Know your customer (No, your customer!)

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Know your customer (No, your customer!)

The biggest mistake that you can make as a business owner is to only sell the things that you want. This happens wiht many people who follow the advice of “solving your own problems first” and who believe that will turn into a business.

Unfortunately, just because you have a problem, doesn’t mean there is enough of an audience of people who also have that problem. And even if there is, they don’t necessarily want the solution that you want.

When you build what you want, you miss the chance to build what everyone else wants. When you build what you think people need, you miss the chance to build what they really need. And that’s a fail-point for many companies and would-be business owners.

And it’s related to another problem. Many business owners just won’t listen to what their customer wants. They don’t know how their customer wants them to talk, what their customer wants to hear, what their customer needs to hear.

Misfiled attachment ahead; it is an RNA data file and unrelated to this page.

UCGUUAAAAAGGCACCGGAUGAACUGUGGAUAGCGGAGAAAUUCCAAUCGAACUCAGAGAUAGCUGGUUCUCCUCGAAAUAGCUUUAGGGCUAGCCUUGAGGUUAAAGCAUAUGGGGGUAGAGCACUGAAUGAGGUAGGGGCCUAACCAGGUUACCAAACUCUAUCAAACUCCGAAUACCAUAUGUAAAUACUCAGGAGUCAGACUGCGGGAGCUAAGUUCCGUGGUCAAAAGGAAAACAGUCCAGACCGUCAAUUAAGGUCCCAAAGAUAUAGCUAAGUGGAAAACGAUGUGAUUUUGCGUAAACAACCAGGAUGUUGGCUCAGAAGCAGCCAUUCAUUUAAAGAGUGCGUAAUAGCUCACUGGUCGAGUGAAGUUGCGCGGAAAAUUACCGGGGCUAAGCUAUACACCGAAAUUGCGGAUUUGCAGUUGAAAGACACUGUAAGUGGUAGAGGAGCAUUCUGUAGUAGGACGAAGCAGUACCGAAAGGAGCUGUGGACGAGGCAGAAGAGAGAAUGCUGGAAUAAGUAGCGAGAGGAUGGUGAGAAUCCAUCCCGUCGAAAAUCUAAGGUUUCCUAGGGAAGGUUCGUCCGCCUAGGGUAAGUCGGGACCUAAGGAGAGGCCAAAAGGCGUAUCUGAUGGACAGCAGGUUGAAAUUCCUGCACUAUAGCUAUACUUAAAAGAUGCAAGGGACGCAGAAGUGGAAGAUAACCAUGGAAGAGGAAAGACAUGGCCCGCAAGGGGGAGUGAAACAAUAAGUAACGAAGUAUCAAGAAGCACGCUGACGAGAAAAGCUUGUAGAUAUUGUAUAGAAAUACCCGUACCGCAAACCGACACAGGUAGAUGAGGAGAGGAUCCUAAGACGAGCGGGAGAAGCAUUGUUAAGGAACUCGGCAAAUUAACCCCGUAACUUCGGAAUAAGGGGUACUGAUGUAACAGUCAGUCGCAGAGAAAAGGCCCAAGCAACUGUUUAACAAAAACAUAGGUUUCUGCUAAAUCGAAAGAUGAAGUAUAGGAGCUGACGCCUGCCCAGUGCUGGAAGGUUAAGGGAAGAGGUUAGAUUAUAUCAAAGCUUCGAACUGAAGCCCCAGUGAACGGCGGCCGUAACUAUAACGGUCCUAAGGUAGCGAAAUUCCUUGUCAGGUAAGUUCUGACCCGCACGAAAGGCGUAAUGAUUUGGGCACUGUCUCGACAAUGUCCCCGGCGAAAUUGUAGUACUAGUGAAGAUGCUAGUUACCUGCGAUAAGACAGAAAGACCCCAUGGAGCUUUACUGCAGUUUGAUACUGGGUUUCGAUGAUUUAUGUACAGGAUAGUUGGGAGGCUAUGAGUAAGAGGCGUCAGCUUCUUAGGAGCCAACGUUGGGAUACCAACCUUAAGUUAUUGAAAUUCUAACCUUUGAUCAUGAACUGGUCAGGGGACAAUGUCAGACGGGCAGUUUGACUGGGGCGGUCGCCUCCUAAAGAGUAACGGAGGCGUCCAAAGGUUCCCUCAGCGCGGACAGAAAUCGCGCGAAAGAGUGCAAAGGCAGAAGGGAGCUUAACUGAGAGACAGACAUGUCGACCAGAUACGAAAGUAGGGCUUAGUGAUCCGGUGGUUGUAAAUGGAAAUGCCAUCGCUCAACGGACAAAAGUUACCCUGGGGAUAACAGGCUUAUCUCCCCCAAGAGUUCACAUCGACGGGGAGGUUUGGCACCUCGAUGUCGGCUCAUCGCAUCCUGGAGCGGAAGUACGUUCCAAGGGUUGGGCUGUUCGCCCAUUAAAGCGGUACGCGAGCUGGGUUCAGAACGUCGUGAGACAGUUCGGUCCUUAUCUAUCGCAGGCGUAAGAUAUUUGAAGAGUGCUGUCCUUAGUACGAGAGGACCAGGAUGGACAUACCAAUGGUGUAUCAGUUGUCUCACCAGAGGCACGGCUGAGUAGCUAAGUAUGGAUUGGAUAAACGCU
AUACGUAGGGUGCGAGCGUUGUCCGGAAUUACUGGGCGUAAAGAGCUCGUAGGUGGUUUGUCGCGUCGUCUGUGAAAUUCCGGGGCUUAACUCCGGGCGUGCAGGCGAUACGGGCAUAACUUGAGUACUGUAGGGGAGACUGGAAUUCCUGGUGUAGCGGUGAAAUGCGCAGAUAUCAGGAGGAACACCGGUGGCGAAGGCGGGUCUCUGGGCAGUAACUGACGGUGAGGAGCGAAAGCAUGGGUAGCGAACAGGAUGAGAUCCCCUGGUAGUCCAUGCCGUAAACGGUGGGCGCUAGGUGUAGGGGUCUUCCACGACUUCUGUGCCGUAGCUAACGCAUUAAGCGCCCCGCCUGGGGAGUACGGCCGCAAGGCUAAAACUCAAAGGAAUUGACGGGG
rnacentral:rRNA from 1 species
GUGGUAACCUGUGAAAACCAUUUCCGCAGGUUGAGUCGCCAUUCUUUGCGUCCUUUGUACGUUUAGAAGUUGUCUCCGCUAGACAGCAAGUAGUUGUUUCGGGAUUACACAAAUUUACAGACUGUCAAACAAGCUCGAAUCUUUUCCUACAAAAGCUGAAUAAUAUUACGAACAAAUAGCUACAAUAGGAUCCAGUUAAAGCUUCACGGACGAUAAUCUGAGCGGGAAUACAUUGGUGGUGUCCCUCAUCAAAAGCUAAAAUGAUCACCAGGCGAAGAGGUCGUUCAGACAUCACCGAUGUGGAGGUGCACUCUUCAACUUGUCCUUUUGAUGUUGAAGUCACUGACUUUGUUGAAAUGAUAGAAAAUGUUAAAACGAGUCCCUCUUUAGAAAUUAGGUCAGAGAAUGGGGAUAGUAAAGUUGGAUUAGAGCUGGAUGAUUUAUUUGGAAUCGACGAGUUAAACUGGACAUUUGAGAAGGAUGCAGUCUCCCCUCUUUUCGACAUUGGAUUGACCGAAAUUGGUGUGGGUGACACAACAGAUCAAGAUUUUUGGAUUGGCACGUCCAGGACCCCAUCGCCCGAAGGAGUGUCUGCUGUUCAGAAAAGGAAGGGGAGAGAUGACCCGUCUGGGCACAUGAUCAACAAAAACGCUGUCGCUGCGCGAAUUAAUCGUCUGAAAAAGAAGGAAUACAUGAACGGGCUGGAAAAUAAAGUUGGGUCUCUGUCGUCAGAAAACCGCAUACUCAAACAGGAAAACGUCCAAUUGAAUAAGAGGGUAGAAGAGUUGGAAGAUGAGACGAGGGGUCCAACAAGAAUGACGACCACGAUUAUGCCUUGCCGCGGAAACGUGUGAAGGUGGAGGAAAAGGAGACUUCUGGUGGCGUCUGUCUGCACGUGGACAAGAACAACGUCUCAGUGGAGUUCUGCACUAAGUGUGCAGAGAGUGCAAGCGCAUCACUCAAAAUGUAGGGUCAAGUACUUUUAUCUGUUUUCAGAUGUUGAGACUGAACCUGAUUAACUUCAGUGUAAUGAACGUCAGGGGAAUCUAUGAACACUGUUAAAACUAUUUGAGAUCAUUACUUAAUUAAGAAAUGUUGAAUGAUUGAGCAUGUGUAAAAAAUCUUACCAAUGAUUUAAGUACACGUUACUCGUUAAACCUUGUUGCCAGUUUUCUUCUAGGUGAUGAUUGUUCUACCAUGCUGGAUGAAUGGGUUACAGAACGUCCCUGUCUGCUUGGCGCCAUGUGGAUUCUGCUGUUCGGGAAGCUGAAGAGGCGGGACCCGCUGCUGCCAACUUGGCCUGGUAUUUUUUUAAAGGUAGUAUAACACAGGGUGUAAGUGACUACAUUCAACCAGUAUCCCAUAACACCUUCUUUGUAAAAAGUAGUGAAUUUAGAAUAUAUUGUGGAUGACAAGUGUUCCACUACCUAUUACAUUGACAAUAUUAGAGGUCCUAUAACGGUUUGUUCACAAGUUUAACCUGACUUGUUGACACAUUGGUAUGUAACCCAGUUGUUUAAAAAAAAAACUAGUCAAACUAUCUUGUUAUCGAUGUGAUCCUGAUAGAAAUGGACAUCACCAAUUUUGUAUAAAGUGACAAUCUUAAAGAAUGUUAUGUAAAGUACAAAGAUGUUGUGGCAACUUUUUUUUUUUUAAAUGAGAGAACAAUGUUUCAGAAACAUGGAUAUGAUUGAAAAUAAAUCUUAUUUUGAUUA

People make these mistakes because they haven’t taken the time to get to know their target market and learn about them.

I’m talking about building audience profiles that work. But building them slowly and iteratively, growing to know your audience as you work with them.

How do you define your customer?

When you launch your product or your business, you should never be doing it on the back of zero data. That’s a mistake right out of the gate. It’s a waste of energy if you don’t have a baseline of information about who your audience are.

This is why when when you launch anything, whether it’s a service or a product, you must start by asking questions. Asking simple questions that give you answers you can drill into for detail.

We also know that a customer base is going to evolve. It’s only natural, and in fact it’d be a sign of stagnation if it didn’t happen. You have to recognise that this research, this exploration of who the people you talk to really are, is going to need to be an on-going process.

That means continually learning about them and tracking new information. It’s valuable to have a secondary profile list, that you build on a quarterly basis. This should be constructed from regular data and story gathering. At the end of the quarter, you can match it to your existing customer profiles and note how they’ve changed or evolved in the past 3 months.

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